Will Power - Robert W. Baird

Okay, and then maybe this last question -- Rob, I think you had alluded to higher depreciation expense in Q4, may be probably well perhaps continuing into '09. I guess I'd be interested in more color on that. But any sense for, yes, the magnitude of that?

Robert Junkroski

Yes. The first -- it was two projects. The Michigan and Ohio switches were -- circuit switches were decommissioned, and the bulk of that accelerated depreciation took place in the third quarter. It did bleed over into the fourth quarter, and for that project we'll have just over $200,000, about $225,000 in accelerated depreciation from that project in the fourth quarter. We also, Ryan, just announced that we are going to do the remaining circuit switches in Illinois, Indiana and Minnesota, and that will be about $900,000 in the fourth quarter. So in total, the fourth quarter will have accelerated depreciation of about $1.1 million.

That will continue into the first and second quarters of 2008 -- not at that magnitude. First quarter of 2009 should be just under $1 million, and then the second quarter it wanes down to about $200,000.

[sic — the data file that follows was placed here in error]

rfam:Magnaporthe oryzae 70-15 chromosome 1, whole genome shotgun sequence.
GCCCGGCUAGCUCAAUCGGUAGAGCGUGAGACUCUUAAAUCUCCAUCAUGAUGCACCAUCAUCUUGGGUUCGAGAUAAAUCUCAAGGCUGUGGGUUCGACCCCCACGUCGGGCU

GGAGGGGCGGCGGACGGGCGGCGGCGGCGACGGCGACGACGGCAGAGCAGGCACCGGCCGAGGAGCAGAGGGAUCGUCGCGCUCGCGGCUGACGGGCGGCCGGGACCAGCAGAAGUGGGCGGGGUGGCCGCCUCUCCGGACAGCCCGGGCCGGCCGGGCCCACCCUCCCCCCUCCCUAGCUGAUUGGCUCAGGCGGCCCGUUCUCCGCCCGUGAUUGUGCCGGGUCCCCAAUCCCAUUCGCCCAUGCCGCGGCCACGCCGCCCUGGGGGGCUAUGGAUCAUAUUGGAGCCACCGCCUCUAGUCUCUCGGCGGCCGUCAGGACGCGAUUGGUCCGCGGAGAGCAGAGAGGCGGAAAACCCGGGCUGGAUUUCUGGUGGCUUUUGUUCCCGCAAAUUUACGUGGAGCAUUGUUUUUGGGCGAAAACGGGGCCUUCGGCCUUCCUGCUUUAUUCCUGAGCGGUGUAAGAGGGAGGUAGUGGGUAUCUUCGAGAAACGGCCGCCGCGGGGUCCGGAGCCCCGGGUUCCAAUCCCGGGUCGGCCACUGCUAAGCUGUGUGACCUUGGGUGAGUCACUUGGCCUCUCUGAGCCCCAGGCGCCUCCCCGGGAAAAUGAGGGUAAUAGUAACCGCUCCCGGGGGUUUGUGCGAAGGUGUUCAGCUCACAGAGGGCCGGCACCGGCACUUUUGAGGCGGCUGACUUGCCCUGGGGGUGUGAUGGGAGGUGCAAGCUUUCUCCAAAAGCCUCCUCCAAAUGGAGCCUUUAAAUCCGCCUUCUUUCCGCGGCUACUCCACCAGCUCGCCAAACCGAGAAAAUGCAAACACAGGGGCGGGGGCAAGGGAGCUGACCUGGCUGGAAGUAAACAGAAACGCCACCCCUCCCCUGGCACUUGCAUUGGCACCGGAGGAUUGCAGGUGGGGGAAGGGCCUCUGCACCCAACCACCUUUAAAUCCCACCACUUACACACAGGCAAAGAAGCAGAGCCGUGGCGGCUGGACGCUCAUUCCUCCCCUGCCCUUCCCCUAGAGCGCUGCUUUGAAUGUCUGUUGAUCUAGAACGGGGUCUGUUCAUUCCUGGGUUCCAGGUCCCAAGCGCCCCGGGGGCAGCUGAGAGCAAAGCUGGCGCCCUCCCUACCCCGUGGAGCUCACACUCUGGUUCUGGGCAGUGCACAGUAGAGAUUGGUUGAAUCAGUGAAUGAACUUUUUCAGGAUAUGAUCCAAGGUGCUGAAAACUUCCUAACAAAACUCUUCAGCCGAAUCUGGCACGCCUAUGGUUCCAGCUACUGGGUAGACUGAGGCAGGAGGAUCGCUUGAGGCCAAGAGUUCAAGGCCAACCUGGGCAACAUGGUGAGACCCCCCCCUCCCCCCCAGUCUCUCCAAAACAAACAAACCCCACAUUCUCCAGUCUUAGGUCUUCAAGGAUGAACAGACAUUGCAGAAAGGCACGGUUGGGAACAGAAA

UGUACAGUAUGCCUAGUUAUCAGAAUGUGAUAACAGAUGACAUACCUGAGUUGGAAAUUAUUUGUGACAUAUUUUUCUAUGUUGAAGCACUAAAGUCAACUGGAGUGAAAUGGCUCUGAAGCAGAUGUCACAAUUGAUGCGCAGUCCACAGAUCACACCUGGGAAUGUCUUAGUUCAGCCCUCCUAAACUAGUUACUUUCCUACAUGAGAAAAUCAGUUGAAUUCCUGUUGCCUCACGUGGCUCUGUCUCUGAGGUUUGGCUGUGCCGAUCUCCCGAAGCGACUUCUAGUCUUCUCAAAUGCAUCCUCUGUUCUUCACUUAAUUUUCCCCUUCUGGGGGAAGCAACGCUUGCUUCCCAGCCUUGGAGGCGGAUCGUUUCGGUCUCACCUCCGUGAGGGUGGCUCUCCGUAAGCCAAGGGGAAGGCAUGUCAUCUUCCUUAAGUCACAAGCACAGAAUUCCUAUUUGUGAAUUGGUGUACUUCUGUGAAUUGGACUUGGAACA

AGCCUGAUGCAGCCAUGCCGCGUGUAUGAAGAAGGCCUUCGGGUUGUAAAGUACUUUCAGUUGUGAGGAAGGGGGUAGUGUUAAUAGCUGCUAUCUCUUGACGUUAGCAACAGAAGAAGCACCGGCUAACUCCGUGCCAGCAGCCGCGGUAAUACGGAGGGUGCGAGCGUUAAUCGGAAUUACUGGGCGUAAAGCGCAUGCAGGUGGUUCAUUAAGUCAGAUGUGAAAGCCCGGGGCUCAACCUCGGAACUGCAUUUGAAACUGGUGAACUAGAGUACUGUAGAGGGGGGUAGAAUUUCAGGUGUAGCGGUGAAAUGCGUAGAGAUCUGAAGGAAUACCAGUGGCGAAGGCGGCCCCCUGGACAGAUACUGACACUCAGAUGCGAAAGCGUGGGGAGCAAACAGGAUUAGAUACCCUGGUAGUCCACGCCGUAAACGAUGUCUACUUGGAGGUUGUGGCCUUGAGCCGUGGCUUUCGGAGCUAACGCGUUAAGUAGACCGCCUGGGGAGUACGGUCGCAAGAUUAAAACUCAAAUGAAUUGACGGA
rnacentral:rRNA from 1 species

Will Power - Robert W. Baird

Okay, great. Thanks. That's helpful.

Operator

Thank you. And our next question comes from James Breen with Thomas Weisel Partners. Go ahead please.

James Breen - Thomas Weisel Partners

Thank you very much. Just a couple of questions. One, from a revenue breakdown perspective, can you talk about the percentage that came from wireless versus CLEC versus cable versus VOIP?

Rian Wren

Sure. For the third quarter of 2008, we've actually broken it out in five categories. Cable is now 15% of our revenue contribution. CLEC is 19%. The interexchange carriers are 4%. VOIP providers are 4%. And wireless is 58%.